12 Apr There Are Now Multiple Marijuana Legalization Bills in North Carolina
In the same week that legislators in Virginia approved a measure to fast-track legalization in the state, North Carolina Senators introduced multiple bills that would legalize marijuana in the state to some degree. It is unclear whether any of them has any chance of becoming law. Previous bills to legalize cannabis in the state have fallen flat. However, some activists say they believe the tide is turning in the country’s leading tobacco-producing state.
Past efforts in NC have been fruitless, but activists think some form of legalization may be coming soon.
Currently, North Carolina is one of only 14 states that does not allow for legal use of marijuana, medical or recreational. But it’s not for lack of trying. Over the last few years, several bills that would have softened the state’s laws were introduced in the General Assembly.
In 2019, 19 different lawmakers sponsored HB 401. The bill would have created a comprehensive plan for medical marijuana use in the state. Although it carried over into the 2020 session, lawmakers never gave the bill a committee hearing, let alone put it to a vote. This, despite the fact that a large majority (73%) of North Carolinians support legalizing cannabis for medical use. A smaller majority of 54%, but still a majority, of people in the state support legalizing the plant for recreational use.
Janis Ramquist is a pro-bono governmental consultant with NC NORML. This group is the North Carolina chapter of a not-for-profit organization that advocates for cannabis legalization and education around the United States. She told Interrogating Justice that views on marijuana are changing in North Carolina.
“There’s a significant shift in public attitude,” she said. “I’m finding that a lot of interest from libertarians and other folks. They’re interested in receiving the information that NC NORML is providing.”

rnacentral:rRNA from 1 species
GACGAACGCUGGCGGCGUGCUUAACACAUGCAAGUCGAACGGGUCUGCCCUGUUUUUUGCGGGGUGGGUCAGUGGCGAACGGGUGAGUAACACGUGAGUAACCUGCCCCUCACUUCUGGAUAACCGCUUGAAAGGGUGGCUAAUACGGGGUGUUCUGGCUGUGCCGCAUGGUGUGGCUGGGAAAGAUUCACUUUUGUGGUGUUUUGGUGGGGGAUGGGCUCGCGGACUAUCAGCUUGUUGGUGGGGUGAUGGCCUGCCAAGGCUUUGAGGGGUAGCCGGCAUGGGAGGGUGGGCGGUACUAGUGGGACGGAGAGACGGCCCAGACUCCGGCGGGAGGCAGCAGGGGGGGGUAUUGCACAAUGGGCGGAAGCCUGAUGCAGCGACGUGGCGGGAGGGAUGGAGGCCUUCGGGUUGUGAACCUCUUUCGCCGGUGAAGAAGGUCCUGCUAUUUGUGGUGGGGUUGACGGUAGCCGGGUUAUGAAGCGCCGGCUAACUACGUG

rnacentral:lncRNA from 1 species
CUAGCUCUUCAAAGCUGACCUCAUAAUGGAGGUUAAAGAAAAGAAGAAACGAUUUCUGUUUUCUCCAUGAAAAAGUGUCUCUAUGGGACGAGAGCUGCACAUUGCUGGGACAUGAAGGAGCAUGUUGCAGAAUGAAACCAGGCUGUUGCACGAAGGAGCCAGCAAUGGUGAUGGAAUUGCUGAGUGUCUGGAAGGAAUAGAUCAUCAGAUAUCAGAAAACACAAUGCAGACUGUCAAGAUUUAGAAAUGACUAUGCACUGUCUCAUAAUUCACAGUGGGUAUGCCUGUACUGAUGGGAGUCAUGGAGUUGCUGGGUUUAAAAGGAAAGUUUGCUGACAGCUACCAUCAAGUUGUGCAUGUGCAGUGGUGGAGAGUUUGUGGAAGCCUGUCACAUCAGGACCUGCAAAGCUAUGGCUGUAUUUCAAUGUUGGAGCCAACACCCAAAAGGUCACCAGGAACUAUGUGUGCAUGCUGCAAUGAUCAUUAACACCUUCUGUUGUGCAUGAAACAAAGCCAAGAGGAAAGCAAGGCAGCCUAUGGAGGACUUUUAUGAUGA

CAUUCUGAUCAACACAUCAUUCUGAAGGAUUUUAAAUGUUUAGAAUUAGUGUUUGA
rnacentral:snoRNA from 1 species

Ramquist also suggested that those changes in public opinion could translate to changes in legislation. “I think we will see a bill pass in the not too distant future,” she said.
SB 669 and SB 711 would legalize marijuana for medical use.
Two of the three bills introduced on Apr. 7 would legalize marijuana only for medical use. Both SB 669, known as the North Carolina Medical Cannabis Act, and SB 711, known as the North Carolina Compassionate Care Act, would allow people to possess and use marijuana under the supervision of a doctor for valid medical reasons.
But each bill takes a different approach to doing so. Of the two, SB 711 is more restrictive. Its text lays out a limited number of conditions for which marijuana doctors could prescribe marijuana. It does not specify whether or not it would allow for patients to cultivate the plant at home.
On the other hand, SB 669 has fewer restrictions. It does not specify which conditions patients could treat with marijuana, leaving that decision up to doctors instead. This bill does appear to allow for home cultivation, but it would require a separate license from a medical use card.
SB 646 would legalize marijuana for recreational use.
Unlike SB 669 and SB 711, SB 646, titled the “Marijuana Justice and Reinvestment Act,” would legalize marijuana for recreational use in North Carolina. Also introduced on Apr. 7, the bill creates a comprehensive plan for legalizing cannabis in the state.